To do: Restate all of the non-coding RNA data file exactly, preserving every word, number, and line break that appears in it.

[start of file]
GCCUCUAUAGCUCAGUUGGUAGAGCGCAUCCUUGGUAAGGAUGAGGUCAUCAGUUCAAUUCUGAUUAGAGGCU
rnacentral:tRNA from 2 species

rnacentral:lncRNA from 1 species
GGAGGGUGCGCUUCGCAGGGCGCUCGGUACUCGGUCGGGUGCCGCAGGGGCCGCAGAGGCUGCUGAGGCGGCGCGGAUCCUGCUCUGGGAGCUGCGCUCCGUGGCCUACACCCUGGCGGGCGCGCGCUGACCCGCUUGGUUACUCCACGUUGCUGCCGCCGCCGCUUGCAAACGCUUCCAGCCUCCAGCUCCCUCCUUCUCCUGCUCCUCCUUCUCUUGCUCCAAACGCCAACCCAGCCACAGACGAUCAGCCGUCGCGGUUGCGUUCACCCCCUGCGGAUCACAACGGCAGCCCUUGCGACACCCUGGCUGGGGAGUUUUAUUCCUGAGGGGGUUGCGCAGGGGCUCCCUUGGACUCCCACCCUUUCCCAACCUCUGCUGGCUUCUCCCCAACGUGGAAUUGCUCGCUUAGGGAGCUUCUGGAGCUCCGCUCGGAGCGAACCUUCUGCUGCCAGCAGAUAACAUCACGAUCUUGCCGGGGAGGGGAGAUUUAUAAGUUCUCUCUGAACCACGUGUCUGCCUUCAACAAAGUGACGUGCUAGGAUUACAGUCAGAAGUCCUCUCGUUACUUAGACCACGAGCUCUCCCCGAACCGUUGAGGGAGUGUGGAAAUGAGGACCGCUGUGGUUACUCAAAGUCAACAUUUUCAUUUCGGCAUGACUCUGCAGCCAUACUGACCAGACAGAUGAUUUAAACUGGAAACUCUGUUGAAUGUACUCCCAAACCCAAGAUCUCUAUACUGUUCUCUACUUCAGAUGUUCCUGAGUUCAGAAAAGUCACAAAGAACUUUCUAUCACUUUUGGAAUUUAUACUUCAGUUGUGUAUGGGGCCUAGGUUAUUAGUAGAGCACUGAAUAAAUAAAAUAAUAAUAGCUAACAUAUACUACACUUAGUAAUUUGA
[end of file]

GCCUCUAUAGCUCAGUUGGUAGAGCGCAUCCUUGGUAAGGAUGAGGUCAUCAGUUCAAUUCUGAUUAGAGGCU
rnacentral:tRNA from 2 species

rnacentral:lncRNA from 1 species
GGAGGGUGCGCUUCGCAGGGCGCUCGGUACUCGGUCGGGUGCCGCAGGGGCCGCAGAGGCUGCUGAGGCGGCGCGGAUCCUGCUCUGGGAGCUGCGCUCCGUGGCCUACACCCUGGCGGGCGCGCGCUGACCCGCUUGGUUACUCCACGUUGCUGCCGCCGCCGCUUGCAAACGCUUCCAGCCUCCAGCUCCCUCCUUCUCCUGCUCCUCCUUCUCUUGCUCCAAACGCCAACCCAGCCACAGACGAUCAGCCGUCGCGGUUGCGUUCACCCCCUGCGGAUCACAACGGCAGCCCUUGCGACACCCUGGCUGGGGAGUUUUAUUCCUGAGGGGGUUGCGCAGGGGCUCCCUUGGACUCCCACCCUUUCCCAACCUCUGCUGGCUUCUCCCCAACGUGGAAUUGCUCGCUUAGGGAGCUUCUGGAGCUCCGCUCGGAGCGAACCUUCUGCUGCCAGCAGAUAACAUCACGAUCUUGCCGGGGAGGGGAGAUUUAUAAGUUCUCUCUGAACCACGUGUCUGCCUUCAACAAAGUGACGUGCUAGGAUUACAGUCAGAAGUCCUCUCGUUACUUAGACCACGAGCUCUCCCCGAACCGUUGAGGGAGUGUGGAAAUGAGGACCGCUGUGGUUACUCAAAGUCAACAUUUUCAUUUCGGCAUGACUCUGCAGCCAUACUGACCAGACAGAUGAUUUAAACUGGAAACUCUGUUGAAUGUACUCCCAAACCCAAGAUCUCUAUACUGUUCUCUACUUCAGAUGUUCCUGAGUUCAGAAAAGUCACAAAGAACUUUCUAUCACUUUUGGAAUUUAUACUUCAGUUGUGUAUGGGGCCUAGGUUAUUAGUAGAGCACUGAAUAAAUAAAAUAAUAAUAGCUAACAUAUACUACACUUAGUAAUUUGA